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Exploring How Muscles Regenerate

Colt Crain working in Professor Chen-Ming Fan’s lab at the Carnegie Institution. [Photos: Will Kirk]

The mechanisms allowing muscles to regenerate and repair themselves remain a mystery of cellular biology. Gaining a greater understanding of this process has many implications. Implications include potential treatments for diseases such as muscular dystrophy, a genetic condition that causes muscle degeneration.  

Junior molecular and cellular biology major Colt Crain has been exploring this process since freshman year when he joined the lab of adjunct biology Professor Chen-Ming Fan in the Carnegie Institution for Science’s Department of Embryology. Crain is currently the only undergraduate member of the lab, which brings benefits undergrads in larger labs might not enjoy.

“It gives me more opportunities to work directly with Dr. Fan,” Crain says. “He can more easily devote time to teaching me and helping me with experiment protocols, and I also have a little more autonomy in what I do.” 

What he has been doing lately is an experiment to determine if a specific protein is necessary for muscular regeneration. Stem cell surface proteins known as integrins provide a mechanism for such undifferentiated cells to interact with their surroundings. That includes, it is thought, to engage in the biochemical signaling that prompts such cells to make more cells and then to differentiate into new muscles.

Muscle Differentiation

The lab previously discovered that the presence of the protein β1-integrin is necessary to make more cells at the first step. Crain has been looking at whether another integrin, β3-integrin, plays a similar role in muscle differentiation in the second step of regeneration.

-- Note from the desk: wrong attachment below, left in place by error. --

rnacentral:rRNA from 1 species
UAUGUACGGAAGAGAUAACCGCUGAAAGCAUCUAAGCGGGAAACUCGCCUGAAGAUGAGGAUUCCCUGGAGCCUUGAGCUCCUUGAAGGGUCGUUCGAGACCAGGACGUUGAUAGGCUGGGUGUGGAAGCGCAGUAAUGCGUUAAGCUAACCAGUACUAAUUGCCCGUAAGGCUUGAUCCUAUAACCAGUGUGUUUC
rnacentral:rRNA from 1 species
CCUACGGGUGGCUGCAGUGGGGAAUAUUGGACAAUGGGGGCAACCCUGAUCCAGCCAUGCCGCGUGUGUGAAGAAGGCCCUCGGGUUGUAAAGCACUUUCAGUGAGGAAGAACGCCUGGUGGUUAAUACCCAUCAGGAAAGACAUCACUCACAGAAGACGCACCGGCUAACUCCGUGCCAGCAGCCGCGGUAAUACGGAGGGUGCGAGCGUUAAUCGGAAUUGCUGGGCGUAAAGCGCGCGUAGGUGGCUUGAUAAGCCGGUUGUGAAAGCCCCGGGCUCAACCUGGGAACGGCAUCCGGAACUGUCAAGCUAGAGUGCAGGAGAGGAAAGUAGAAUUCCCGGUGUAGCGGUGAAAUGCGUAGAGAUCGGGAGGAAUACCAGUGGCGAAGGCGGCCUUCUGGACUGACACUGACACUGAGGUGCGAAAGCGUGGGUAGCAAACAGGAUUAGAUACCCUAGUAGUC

His work involves three types of mice. Some have the β3-integrin knocked out by chemical injection. Others are genetically modified to be born without the β3-integrin in the muscle. Along with control mice, those mice are subjected to localized injury via the injection of a small amount of toxin derived from snake venom. Ultimately, the injured areas are examined under a microscope. 

“If we expect to see any difference, it would be that in the mice lacking the β3-integrin, their muscle fibers won’t regenerate—the stem cells that muscle fibers come from won’t fuse and make bigger and newer muscle fibers,” Colt says. “You’re basically just left with teeny tiny fibers, which leads to muscle degeneration.” 

The project is nearing completion and he hopes to publish soon. So far it appears that β3-integrin is not necessary for muscle repair. “We’re basically seeing normal muscle in all of the mice,” he says.  

Though sometimes he feels “thrown into the deep end” at the lab, Crain’s hands-on experiences provide an invaluable glimpse into the world of bench research. It all contributes to his ultimate goal: a PhD followed by a career in vaccine development.